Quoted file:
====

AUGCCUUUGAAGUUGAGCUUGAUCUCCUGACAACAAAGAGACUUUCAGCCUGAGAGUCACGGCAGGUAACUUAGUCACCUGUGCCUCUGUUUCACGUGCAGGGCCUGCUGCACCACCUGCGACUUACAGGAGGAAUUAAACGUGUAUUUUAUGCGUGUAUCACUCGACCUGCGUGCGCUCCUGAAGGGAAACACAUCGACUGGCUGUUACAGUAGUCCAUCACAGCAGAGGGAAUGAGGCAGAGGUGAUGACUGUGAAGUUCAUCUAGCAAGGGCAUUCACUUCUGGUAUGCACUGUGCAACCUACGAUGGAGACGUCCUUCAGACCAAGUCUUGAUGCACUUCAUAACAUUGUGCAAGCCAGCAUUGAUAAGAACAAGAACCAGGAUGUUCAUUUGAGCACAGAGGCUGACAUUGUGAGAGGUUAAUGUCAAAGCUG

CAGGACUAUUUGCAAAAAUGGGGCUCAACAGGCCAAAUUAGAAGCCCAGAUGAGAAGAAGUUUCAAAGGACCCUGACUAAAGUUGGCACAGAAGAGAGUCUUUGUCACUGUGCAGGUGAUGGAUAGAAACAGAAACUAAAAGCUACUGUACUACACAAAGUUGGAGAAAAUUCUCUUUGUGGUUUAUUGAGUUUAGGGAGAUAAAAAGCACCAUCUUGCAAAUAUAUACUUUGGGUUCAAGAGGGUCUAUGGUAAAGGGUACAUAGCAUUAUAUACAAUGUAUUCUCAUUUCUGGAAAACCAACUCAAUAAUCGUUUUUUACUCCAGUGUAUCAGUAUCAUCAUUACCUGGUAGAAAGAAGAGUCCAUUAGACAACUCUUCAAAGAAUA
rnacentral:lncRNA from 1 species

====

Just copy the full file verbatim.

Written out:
AUGCCUUUGAAGUUGAGCUUGAUCUCCUGACAACAAAGAGACUUUCAGCCUGAGAGUCACGGCAGGUAACUUAGUCACCUGUGCCUCUGUUUCACGUGCAGGGCCUGCUGCACCACCUGCGACUUACAGGAGGAAUUAAACGUGUAUUUUAUGCGUGUAUCACUCGACCUGCGUGCGCUCCUGAAGGGAAACACAUCGACUGGCUGUUACAGUAGUCCAUCACAGCAGAGGGAAUGAGGCAGAGGUGAUGACUGUGAAGUUCAUCUAGCAAGGGCAUUCACUUCUGGUAUGCACUGUGCAACCUACGAUGGAGACGUCCUUCAGACCAAGUCUUGAUGCACUUCAUAACAUUGUGCAAGCCAGCAUUGAUAAGAACAAGAACCAGGAUGUUCAUUUGAGCACAGAGGCUGACAUUGUGAGAGGUUAAUGUCAAAGCUG

CAGGACUAUUUGCAAAAAUGGGGCUCAACAGGCCAAAUUAGAAGCCCAGAUGAGAAGAAGUUUCAAAGGACCCUGACUAAAGUUGGCACAGAAGAGAGUCUUUGUCACUGUGCAGGUGAUGGAUAGAAACAGAAACUAAAAGCUACUGUACUACACAAAGUUGGAGAAAAUUCUCUUUGUGGUUUAUUGAGUUUAGGGAGAUAAAAAGCACCAUCUUGCAAAUAUAUACUUUGGGUUCAAGAGGGUCUAUGGUAAAGGGUACAUAGCAUUAUAUACAAUGUAUUCUCAUUUCUGGAAAACCAACUCAAUAAUCGUUUUUUACUCCAGUGUAUCAGUAUCAUCAUUACCUGGUAGAAAGAAGAGUCCAUUAGACAACUCUUCAAAGAAUA
rnacentral:lncRNA from 1 species